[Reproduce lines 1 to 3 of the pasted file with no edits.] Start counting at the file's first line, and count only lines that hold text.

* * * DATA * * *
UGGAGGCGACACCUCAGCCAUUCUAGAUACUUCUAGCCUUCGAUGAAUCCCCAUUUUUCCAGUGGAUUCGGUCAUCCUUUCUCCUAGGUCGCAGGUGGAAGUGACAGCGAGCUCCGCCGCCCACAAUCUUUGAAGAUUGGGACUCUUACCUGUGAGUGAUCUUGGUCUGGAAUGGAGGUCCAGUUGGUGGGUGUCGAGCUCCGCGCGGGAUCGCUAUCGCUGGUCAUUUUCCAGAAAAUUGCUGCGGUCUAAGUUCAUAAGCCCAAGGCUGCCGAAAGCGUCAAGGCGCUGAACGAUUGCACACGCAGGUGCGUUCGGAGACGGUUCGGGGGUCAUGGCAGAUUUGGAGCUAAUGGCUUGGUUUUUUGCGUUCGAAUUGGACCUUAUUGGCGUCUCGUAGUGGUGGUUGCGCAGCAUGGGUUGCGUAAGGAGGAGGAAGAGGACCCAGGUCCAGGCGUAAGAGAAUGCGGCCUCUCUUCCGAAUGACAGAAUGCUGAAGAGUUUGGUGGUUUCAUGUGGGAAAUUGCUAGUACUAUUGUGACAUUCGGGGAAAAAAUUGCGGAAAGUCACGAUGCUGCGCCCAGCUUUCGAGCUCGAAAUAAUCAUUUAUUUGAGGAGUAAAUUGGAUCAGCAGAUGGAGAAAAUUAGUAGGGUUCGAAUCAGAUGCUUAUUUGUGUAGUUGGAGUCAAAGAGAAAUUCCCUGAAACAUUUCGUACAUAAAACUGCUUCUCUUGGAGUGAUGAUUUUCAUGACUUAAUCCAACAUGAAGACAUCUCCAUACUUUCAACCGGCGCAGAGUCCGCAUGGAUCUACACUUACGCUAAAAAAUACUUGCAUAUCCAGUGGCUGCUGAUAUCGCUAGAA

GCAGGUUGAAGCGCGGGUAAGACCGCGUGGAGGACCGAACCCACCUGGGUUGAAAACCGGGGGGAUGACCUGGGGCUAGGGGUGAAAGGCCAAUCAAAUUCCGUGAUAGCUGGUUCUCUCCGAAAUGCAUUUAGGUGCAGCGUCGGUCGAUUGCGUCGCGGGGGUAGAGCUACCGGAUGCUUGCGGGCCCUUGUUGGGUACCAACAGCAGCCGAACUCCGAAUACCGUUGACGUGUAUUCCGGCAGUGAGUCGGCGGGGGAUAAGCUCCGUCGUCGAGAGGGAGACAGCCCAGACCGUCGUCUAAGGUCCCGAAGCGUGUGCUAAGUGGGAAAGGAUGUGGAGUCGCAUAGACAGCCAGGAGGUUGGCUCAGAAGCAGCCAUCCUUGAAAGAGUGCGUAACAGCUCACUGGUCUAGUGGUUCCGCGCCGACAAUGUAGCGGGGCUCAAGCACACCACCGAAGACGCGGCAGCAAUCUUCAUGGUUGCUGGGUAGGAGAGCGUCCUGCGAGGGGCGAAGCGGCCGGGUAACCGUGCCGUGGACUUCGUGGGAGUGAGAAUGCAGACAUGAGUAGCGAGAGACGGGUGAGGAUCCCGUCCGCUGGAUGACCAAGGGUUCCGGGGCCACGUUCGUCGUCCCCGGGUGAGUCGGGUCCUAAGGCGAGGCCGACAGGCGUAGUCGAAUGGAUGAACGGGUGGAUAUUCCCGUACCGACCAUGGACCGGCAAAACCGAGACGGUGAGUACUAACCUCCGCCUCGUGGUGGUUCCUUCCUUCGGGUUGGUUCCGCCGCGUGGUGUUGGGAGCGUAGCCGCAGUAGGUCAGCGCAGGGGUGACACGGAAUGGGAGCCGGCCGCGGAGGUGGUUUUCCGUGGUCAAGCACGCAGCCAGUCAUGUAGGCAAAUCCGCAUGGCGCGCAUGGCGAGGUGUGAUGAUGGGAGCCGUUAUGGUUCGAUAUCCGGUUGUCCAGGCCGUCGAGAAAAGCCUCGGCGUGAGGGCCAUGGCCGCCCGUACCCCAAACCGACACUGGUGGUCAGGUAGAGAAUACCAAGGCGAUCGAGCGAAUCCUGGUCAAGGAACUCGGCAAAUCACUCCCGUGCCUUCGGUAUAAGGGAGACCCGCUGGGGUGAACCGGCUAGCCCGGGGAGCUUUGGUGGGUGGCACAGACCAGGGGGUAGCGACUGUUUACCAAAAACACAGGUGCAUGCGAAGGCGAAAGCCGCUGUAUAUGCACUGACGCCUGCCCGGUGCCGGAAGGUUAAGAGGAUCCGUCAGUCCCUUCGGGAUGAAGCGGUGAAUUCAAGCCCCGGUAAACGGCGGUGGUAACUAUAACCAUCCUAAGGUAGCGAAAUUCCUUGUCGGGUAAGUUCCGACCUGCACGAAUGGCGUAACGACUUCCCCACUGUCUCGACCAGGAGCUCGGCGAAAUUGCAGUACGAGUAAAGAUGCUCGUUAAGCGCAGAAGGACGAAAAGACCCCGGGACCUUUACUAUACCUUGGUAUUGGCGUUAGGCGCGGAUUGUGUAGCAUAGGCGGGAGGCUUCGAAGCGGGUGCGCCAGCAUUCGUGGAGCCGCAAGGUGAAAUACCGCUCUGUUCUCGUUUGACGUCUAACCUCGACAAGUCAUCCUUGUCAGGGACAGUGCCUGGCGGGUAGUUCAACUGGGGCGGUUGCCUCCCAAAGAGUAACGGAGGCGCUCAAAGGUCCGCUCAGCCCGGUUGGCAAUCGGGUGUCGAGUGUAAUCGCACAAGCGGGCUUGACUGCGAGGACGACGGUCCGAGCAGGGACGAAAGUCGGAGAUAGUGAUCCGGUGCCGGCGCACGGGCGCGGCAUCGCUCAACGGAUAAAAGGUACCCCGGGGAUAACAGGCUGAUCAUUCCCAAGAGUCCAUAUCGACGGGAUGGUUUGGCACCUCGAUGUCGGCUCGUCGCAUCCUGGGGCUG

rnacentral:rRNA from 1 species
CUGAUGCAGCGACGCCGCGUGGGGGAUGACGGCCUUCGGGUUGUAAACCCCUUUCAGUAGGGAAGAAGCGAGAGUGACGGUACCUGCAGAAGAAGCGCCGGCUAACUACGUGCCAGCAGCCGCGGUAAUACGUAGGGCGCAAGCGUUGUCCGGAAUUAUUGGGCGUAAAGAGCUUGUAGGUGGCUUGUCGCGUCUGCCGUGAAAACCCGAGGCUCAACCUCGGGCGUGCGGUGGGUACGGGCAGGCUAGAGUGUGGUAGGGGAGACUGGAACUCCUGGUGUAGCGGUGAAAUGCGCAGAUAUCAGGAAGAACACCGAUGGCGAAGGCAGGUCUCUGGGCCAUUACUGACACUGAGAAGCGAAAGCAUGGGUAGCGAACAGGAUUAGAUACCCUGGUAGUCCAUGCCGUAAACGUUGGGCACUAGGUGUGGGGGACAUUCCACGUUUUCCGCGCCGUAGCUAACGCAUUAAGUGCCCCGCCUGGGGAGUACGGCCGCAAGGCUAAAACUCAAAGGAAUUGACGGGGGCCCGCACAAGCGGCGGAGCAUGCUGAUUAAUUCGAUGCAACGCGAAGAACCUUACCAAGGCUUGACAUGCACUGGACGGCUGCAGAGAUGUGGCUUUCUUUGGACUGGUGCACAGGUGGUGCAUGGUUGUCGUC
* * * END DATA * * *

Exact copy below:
UGGAGGCGACACCUCAGCCAUUCUAGAUACUUCUAGCCUUCGAUGAAUCCCCAUUUUUCCAGUGGAUUCGGUCAUCCUUUCUCCUAGGUCGCAGGUGGAAGUGACAGCGAGCUCCGCCGCCCACAAUCUUUGAAGAUUGGGACUCUUACCUGUGAGUGAUCUUGGUCUGGAAUGGAGGUCCAGUUGGUGGGUGUCGAGCUCCGCGCGGGAUCGCUAUCGCUGGUCAUUUUCCAGAAAAUUGCUGCGGUCUAAGUUCAUAAGCCCAAGGCUGCCGAAAGCGUCAAGGCGCUGAACGAUUGCACACGCAGGUGCGUUCGGAGACGGUUCGGGGGUCAUGGCAGAUUUGGAGCUAAUGGCUUGGUUUUUUGCGUUCGAAUUGGACCUUAUUGGCGUCUCGUAGUGGUGGUUGCGCAGCAUGGGUUGCGUAAGGAGGAGGAAGAGGACCCAGGUCCAGGCGUAAGAGAAUGCGGCCUCUCUUCCGAAUGACAGAAUGCUGAAGAGUUUGGUGGUUUCAUGUGGGAAAUUGCUAGUACUAUUGUGACAUUCGGGGAAAAAAUUGCGGAAAGUCACGAUGCUGCGCCCAGCUUUCGAGCUCGAAAUAAUCAUUUAUUUGAGGAGUAAAUUGGAUCAGCAGAUGGAGAAAAUUAGUAGGGUUCGAAUCAGAUGCUUAUUUGUGUAGUUGGAGUCAAAGAGAAAUUCCCUGAAACAUUUCGUACAUAAAACUGCUUCUCUUGGAGUGAUGAUUUUCAUGACUUAAUCCAACAUGAAGACAUCUCCAUACUUUCAACCGGCGCAGAGUCCGCAUGGAUCUACACUUACGCUAAAAAAUACUUGCAUAUCCAGUGGCUGCUGAUAUCGCUAGAA

GCAGGUUGAAGCGCGGGUAAGACCGCGUGGAGGACCGAACCCACCUGGGUUGAAAACCGGGGGGAUGACCUGGGGCUAGGGGUGAAAGGCCAAUCAAAUUCCGUGAUAGCUGGUUCUCUCCGAAAUGCAUUUAGGUGCAGCGUCGGUCGAUUGCGUCGCGGGGGUAGAGCUACCGGAUGCUUGCGGGCCCUUGUUGGGUACCAACAGCAGCCGAACUCCGAAUACCGUUGACGUGUAUUCCGGCAGUGAGUCGGCGGGGGAUAAGCUCCGUCGUCGAGAGGGAGACAGCCCAGACCGUCGUCUAAGGUCCCGAAGCGUGUGCUAAGUGGGAAAGGAUGUGGAGUCGCAUAGACAGCCAGGAGGUUGGCUCAGAAGCAGCCAUCCUUGAAAGAGUGCGUAACAGCUCACUGGUCUAGUGGUUCCGCGCCGACAAUGUAGCGGGGCUCAAGCACACCACCGAAGACGCGGCAGCAAUCUUCAUGGUUGCUGGGUAGGAGAGCGUCCUGCGAGGGGCGAAGCGGCCGGGUAACCGUGCCGUGGACUUCGUGGGAGUGAGAAUGCAGACAUGAGUAGCGAGAGACGGGUGAGGAUCCCGUCCGCUGGAUGACCAAGGGUUCCGGGGCCACGUUCGUCGUCCCCGGGUGAGUCGGGUCCUAAGGCGAGGCCGACAGGCGUAGUCGAAUGGAUGAACGGGUGGAUAUUCCCGUACCGACCAUGGACCGGCAAAACCGAGACGGUGAGUACUAACCUCCGCCUCGUGGUGGUUCCUUCCUUCGGGUUGGUUCCGCCGCGUGGUGUUGGGAGCGUAGCCGCAGUAGGUCAGCGCAGGGGUGACACGGAAUGGGAGCCGGCCGCGGAGGUGGUUUUCCGUGGUCAAGCACGCAGCCAGUCAUGUAGGCAAAUCCGCAUGGCGCGCAUGGCGAGGUGUGAUGAUGGGAGCCGUUAUGGUUCGAUAUCCGGUUGUCCAGGCCGUCGAGAAAAGCCUCGGCGUGAGGGCCAUGGCCGCCCGUACCCCAAACCGACACUGGUGGUCAGGUAGAGAAUACCAAGGCGAUCGAGCGAAUCCUGGUCAAGGAACUCGGCAAAUCACUCCCGUGCCUUCGGUAUAAGGGAGACCCGCUGGGGUGAACCGGCUAGCCCGGGGAGCUUUGGUGGGUGGCACAGACCAGGGGGUAGCGACUGUUUACCAAAAACACAGGUGCAUGCGAAGGCGAAAGCCGCUGUAUAUGCACUGACGCCUGCCCGGUGCCGGAAGGUUAAGAGGAUCCGUCAGUCCCUUCGGGAUGAAGCGGUGAAUUCAAGCCCCGGUAAACGGCGGUGGUAACUAUAACCAUCCUAAGGUAGCGAAAUUCCUUGUCGGGUAAGUUCCGACCUGCACGAAUGGCGUAACGACUUCCCCACUGUCUCGACCAGGAGCUCGGCGAAAUUGCAGUACGAGUAAAGAUGCUCGUUAAGCGCAGAAGGACGAAAAGACCCCGGGACCUUUACUAUACCUUGGUAUUGGCGUUAGGCGCGGAUUGUGUAGCAUAGGCGGGAGGCUUCGAAGCGGGUGCGCCAGCAUUCGUGGAGCCGCAAGGUGAAAUACCGCUCUGUUCUCGUUUGACGUCUAACCUCGACAAGUCAUCCUUGUCAGGGACAGUGCCUGGCGGGUAGUUCAACUGGGGCGGUUGCCUCCCAAAGAGUAACGGAGGCGCUCAAAGGUCCGCUCAGCCCGGUUGGCAAUCGGGUGUCGAGUGUAAUCGCACAAGCGGGCUUGACUGCGAGGACGACGGUCCGAGCAGGGACGAAAGUCGGAGAUAGUGAUCCGGUGCCGGCGCACGGGCGCGGCAUCGCUCAACGGAUAAAAGGUACCCCGGGGAUAACAGGCUGAUCAUUCCCAAGAGUCCAUAUCGACGGGAUGGUUUGGCACCUCGAUGUCGGCUCGUCGCAUCCUGGGGCUG

rnacentral:rRNA from 1 species